Sisters of St. Joseph of CarondeletDecember 15, 2017

Ministry Stories

Sister Diane Zigo, CSJ


I have been an educator for a little over 25 years. After a number of years as a middle and high school English teacher, I realized I still had many questions about how to meet the needs of older adolescents who struggled with reading and writing. After pursuing doctoral work in English education at the University of Buffalo, I decided to work in teacher education because I realized that one teacher in one classroom can still have a strong, positive impact on a child's educational experience. My hope was to help beginning and early career teachers learn how to provide their own students with access to what Patrick Finn (“Literacy with an Attitude: Educating Working-class Children in Their Own Self Interest,” 1999) calls “powerful literacy,” that is, literacy that involves both creativity and reasoning and helps students evaluate, analyze and synthesize information to understand and compose texts.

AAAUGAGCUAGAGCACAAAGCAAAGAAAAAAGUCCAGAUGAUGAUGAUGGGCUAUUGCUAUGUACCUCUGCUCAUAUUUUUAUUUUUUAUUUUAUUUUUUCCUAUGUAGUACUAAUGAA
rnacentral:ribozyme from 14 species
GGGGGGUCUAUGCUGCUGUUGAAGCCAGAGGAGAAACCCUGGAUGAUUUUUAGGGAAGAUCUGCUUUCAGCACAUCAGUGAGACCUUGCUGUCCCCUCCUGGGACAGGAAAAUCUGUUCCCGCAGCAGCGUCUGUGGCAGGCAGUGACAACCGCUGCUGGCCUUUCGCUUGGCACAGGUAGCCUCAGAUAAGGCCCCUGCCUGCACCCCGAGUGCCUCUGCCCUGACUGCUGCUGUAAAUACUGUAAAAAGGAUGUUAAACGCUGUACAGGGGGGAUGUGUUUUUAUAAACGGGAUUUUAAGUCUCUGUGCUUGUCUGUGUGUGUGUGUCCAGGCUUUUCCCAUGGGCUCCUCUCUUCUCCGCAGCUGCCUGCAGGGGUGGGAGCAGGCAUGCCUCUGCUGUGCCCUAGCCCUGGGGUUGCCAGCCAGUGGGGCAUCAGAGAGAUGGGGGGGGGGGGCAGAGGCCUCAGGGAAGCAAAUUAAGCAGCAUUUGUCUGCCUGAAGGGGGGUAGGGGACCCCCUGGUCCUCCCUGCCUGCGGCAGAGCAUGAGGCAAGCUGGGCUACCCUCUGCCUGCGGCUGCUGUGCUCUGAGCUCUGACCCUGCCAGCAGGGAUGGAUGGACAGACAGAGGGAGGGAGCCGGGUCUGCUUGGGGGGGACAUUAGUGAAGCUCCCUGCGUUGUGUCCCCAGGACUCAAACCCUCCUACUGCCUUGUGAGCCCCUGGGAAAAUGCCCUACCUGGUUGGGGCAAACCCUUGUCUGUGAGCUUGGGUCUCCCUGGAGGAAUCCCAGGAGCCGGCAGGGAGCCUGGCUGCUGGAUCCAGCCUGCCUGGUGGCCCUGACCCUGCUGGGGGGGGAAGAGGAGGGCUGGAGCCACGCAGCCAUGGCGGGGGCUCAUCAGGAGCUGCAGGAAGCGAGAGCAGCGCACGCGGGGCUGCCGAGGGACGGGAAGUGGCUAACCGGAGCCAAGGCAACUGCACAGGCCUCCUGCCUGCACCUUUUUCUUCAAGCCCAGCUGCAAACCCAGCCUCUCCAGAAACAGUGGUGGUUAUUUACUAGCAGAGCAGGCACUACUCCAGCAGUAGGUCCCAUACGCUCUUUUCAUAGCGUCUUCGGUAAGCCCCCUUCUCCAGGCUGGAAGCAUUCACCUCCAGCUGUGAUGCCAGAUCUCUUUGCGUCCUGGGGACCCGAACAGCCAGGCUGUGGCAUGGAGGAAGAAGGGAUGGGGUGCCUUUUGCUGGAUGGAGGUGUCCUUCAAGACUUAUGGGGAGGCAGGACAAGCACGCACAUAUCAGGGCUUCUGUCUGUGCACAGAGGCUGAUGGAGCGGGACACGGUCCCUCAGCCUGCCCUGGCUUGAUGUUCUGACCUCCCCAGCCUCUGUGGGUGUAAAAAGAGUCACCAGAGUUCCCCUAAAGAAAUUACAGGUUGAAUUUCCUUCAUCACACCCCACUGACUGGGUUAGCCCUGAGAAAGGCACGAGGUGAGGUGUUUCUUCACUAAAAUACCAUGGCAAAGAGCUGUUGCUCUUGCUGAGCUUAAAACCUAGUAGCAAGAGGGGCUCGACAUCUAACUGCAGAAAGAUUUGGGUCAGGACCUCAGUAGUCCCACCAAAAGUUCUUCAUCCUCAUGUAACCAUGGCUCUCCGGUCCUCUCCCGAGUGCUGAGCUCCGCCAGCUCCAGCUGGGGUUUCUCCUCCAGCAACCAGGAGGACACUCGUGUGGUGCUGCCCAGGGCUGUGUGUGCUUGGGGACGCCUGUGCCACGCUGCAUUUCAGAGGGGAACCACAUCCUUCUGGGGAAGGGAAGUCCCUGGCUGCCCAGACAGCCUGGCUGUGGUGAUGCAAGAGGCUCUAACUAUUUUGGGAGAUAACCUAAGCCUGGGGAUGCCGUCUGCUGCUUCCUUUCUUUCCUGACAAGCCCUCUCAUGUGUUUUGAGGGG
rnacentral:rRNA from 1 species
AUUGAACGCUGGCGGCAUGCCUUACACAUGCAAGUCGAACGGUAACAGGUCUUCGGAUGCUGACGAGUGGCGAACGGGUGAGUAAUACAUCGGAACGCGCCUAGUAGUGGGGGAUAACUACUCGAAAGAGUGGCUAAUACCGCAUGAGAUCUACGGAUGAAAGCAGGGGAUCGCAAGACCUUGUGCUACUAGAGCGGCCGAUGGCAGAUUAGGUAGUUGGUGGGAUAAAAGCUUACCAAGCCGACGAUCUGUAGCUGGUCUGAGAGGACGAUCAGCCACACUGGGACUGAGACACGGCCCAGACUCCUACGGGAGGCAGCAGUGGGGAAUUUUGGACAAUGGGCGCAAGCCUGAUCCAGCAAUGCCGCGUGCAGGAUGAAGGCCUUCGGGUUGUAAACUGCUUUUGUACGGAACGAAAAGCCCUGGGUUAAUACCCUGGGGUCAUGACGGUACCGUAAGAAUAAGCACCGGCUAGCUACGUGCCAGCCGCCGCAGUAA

I also realize I do my best thinking, teaching, research and writing when I am grounded in the active worlds of middle and high school classrooms. Therefore, I became involved in an authentic co-learning partnership at Williamsville East High School, working with the school’s English team leader, Regina Dunlavey Derrico. For three years, Gina and I collaborated in conducting research in her ninth grade heterogeneously grouped English classroom, combining and co-teaching the methods and strategies courses in English education in the Graduate School of Education's Teacher-Education Institute, and co-authoring and presenting our work together in journals and at conferences.
 
One of my primary research interests explores ways that teachers can remain committed to teaching for powerful literacies in spite of the current climate of accountability and the pressures of high-stakes testing. Do teachers have to “teach to tests” in order for their students to be competent readers and writers? The research Gina and I undertook together suggests that if all students are being apprenticed into a variety of academic literacies, they will be able to understand and respond to the genres expected of them within tests such as the New York State ELA (English-Language Arts), Regents and the SAT. More important, however, they can also develop a rich repertoire of literacy skills that extends well beyond the expectations within such tests. They can come to identify themselves primarily as lifelong readers, writers and makers of meaning.
 
by Sister of St. Joseph of Carondelet Diane Zigo